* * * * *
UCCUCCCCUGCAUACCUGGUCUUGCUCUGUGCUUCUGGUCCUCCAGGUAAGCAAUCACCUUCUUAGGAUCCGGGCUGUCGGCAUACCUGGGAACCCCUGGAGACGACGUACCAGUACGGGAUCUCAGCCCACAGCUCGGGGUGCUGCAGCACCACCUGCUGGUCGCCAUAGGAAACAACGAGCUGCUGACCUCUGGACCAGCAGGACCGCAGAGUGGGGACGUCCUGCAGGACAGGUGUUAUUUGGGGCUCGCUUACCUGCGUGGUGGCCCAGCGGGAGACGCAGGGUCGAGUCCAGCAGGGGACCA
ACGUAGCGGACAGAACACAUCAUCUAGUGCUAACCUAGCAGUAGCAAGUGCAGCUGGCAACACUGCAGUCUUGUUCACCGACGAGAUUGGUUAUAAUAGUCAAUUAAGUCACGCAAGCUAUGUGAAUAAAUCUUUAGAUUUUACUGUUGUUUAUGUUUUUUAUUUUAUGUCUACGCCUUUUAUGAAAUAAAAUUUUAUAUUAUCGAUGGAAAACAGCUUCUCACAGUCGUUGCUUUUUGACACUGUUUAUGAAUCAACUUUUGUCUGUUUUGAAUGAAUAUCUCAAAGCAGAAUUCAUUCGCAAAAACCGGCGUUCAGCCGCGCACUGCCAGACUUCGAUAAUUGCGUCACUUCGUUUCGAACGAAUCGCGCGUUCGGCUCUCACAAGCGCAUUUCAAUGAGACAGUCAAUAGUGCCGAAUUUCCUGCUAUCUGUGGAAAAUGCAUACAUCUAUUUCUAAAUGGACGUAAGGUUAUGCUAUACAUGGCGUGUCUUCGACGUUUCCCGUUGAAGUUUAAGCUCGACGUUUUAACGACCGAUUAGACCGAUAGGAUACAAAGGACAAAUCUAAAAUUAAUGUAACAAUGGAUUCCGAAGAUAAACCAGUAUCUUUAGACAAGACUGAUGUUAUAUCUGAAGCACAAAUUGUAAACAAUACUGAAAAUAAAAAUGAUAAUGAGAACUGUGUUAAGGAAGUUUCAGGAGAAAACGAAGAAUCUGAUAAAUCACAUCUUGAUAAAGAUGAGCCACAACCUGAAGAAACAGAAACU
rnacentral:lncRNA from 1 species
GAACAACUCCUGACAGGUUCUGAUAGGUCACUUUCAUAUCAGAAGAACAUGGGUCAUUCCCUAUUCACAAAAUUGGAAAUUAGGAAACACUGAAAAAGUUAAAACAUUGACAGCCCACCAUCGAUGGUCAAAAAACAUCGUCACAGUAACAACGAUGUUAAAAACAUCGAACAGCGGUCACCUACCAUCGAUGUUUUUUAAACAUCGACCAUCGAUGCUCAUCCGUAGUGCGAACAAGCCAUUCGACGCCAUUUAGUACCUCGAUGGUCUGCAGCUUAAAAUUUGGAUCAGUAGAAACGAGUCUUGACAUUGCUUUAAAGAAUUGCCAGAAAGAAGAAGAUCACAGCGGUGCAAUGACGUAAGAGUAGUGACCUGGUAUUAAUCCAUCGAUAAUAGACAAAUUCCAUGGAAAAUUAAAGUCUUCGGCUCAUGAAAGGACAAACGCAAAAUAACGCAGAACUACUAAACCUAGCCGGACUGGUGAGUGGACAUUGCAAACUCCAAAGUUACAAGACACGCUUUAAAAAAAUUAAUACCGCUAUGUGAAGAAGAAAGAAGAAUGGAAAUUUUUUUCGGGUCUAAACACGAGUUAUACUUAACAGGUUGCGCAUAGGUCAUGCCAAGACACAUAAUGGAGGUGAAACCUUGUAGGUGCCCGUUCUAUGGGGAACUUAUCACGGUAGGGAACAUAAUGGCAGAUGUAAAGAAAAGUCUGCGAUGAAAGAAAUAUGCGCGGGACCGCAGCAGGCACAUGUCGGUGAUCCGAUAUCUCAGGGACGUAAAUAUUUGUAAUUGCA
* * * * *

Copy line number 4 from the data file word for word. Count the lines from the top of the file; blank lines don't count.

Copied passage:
GAACAACUCCUGACAGGUUCUGAUAGGUCACUUUCAUAUCAGAAGAACAUGGGUCAUUCCCUAUUCACAAAAUUGGAAAUUAGGAAACACUGAAAAAGUUAAAACAUUGACAGCCCACCAUCGAUGGUCAAAAAACAUCGUCACAGUAACAACGAUGUUAAAAACAUCGAACAGCGGUCACCUACCAUCGAUGUUUUUUAAACAUCGACCAUCGAUGCUCAUCCGUAGUGCGAACAAGCCAUUCGACGCCAUUUAGUACCUCGAUGGUCUGCAGCUUAAAAUUUGGAUCAGUAGAAACGAGUCUUGACAUUGCUUUAAAGAAUUGCCAGAAAGAAGAAGAUCACAGCGGUGCAAUGACGUAAGAGUAGUGACCUGGUAUUAAUCCAUCGAUAAUAGACAAAUUCCAUGGAAAAUUAAAGUCUUCGGCUCAUGAAAGGACAAACGCAAAAUAACGCAGAACUACUAAACCUAGCCGGACUGGUGAGUGGACAUUGCAAACUCCAAAGUUACAAGACACGCUUUAAAAAAAUUAAUACCGCUAUGUGAAGAAGAAAGAAGAAUGGAAAUUUUUUUCGGGUCUAAACACGAGUUAUACUUAACAGGUUGCGCAUAGGUCAUGCCAAGACACAUAAUGGAGGUGAAACCUUGUAGGUGCCCGUUCUAUGGGGAACUUAUCACGGUAGGGAACAUAAUGGCAGAUGUAAAGAAAAGUCUGCGAUGAAAGAAAUAUGCGCGGGACCGCAGCAGGCACAUGUCGGUGAUCCGAUAUCUCAGGGACGUAAAUAUUUGUAAUUGCA